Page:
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Old 18-03-2011, 05:36 PM
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M.Arsalan Qureshi

 

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QoS Mechanisms for Improving VoIP Quality


Implementing QoS mechanisms is another key consideration in order to ensure that Voip traffic is forwarded across a network in a timely manner. A variety of different queuing mechanisms can be used on WAN interfaces to help prioritize voice traffic in order to ensure that it is serviced in this manner, and not delayed by other traffic that is less time-sensitive. While the four main queuing techniques typically implemented on Cisco router serial interfaces were looked at earlier in this chapter, voice traffic is typically prioritized using one of the three queuing methods listed below.
  • Class-Based Weighted Fair Queuing (CBWFQ). Class-based WFQ works in a manner somewhat similar to traditional WFQ, with the exception that “classified” traffic can be placed into reserved bandwidth queues, ensuring that certain types of traffic (such as VoIP) are allocated a guaranteed amount of bandwidth. A scheduler services the queues based on the bandwidth assigned to them, also known as the “weight”. While CBWFQ ensures that all packets are allocated appropriate bandwidth based on their weight (and that all queues are serviced), it does not implement strict priority. In other words, this queuing method can still result in delays for VoIP traffic.
  • Low Latency Queuing (LLQ). The LLQ queuing method is strongly recommended as the queuing method for use on WAN links that need to support time-sensitive traffic like VoIP. While LLQ functions in a manner very similar to CBWFQ, it does implement one very important additional feature, namely a priority queue. The priority queue is allocated a defined amount of priority bandwidth (weight), and is always serviced first as long as it does not exceed this bandwidth. Other types of traffic can be assigned to reserved queues (or a default queue) with pre-defined weights, ensuring that they are not starved of bandwidth.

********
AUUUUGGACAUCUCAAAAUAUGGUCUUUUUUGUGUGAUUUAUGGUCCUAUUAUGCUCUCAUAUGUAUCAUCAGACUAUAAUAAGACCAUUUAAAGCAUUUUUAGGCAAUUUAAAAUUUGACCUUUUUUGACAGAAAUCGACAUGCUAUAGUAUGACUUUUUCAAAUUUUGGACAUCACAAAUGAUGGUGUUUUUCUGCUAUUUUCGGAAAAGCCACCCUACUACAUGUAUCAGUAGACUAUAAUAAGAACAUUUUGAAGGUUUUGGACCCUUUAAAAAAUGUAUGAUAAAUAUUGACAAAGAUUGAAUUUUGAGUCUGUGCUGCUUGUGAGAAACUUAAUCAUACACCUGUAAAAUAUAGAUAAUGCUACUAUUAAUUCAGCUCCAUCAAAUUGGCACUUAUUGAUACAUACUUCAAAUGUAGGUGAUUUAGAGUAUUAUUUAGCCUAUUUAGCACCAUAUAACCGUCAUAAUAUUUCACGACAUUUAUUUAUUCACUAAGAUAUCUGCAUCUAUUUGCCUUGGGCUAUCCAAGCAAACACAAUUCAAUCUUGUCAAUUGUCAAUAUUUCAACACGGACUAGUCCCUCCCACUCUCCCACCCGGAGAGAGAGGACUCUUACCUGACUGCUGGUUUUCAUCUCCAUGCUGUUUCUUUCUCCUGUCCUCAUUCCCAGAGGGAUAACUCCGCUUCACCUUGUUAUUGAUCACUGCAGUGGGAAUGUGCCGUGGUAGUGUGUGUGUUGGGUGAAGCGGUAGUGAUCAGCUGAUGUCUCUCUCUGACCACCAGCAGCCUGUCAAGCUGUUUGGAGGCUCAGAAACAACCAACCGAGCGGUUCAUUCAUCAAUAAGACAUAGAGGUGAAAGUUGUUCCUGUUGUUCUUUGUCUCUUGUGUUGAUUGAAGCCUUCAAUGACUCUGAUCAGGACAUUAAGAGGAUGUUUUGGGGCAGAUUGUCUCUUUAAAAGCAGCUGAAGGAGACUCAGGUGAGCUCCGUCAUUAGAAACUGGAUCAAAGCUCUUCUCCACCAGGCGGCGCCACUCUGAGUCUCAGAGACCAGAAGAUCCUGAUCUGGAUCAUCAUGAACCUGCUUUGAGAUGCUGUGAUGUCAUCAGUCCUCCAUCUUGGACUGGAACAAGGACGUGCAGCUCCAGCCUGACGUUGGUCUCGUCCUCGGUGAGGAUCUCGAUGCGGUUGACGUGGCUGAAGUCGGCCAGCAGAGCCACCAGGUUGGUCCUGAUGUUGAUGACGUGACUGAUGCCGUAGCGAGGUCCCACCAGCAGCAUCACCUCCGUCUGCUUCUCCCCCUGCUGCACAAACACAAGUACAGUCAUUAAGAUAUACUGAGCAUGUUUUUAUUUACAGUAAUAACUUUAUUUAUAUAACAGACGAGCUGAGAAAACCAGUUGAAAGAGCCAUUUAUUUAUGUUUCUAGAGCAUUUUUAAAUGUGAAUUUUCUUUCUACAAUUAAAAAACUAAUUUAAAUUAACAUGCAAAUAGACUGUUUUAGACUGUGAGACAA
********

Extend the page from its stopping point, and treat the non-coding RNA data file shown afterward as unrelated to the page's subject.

• IP RTP Priority. The IP RTP Priority queuing method presents one of the simplest methods to ensure that VoIP packets are serviced with appropriate priority. When this queuing method is implemented, RTP voice packets (only) are automatically placed into a priority queue, while all other traffic is queued according to WFQ methods. IP RTP Priority can be implemented with a single command, which makes it an easy way to prioritize voice traffic, especially in environments where all other traffic can be handled equally. IP RTP priority does not become active until a WAN interface is experiencing congestion.
LLQ and IP RTP Priority are the two most popular queuing methods for prioritizing VoIP traffic.


In order for a queuing mechanism like LLQ or IP RTP Priority to queue voice packets into a priority queue correctly, they must be able to identify the traffic as Voip With IP RTP Priority, packets are matched and priority queued according to the UDP port numbers used by RTP voice traffic, which fall into the range 16384 to 32767 (even port numbers only) in Cisco implementations. Odd UTP port numbers in this range are used for call control information, and are not prioritized – they are serviced by the WFQ method like all other traffic.


With LLQ, VoIP traffic is typically determined based on either port numbers (through the use of access lists), or through traffic classification mechanisms. If you recall from Chapter 4, IP headers includes a field that can be used to designate a service “type”, also known as Type of Service (ToS) or IP Precedence. Based on the value configured in this field, network equipment like routers can be configured to grant certain types of traffic (like VoIP) a higher priority based on the queuing methods in use. For example, on a network that supports voice traffic, all voice packets could be tagged with an IP Precedence value of 5. Because this setting is configured in the IP header, it will stay with a packet all the way from the source to the destination, helping to ensure end-to-end QoS, again assuming an appropriate queuing mechanism that considers this information is implemented on all intermediary routing equipment.



LLQ would be the logical choice in such a scenario. On most networks, VoIP traffic has its IP Precedence value configured at the edge of the network, namely on an IP phone. In some cases, however, the phone might not have this ability, and IP Precedence settings might be added to the packet at the distribution layer according to configured policies.
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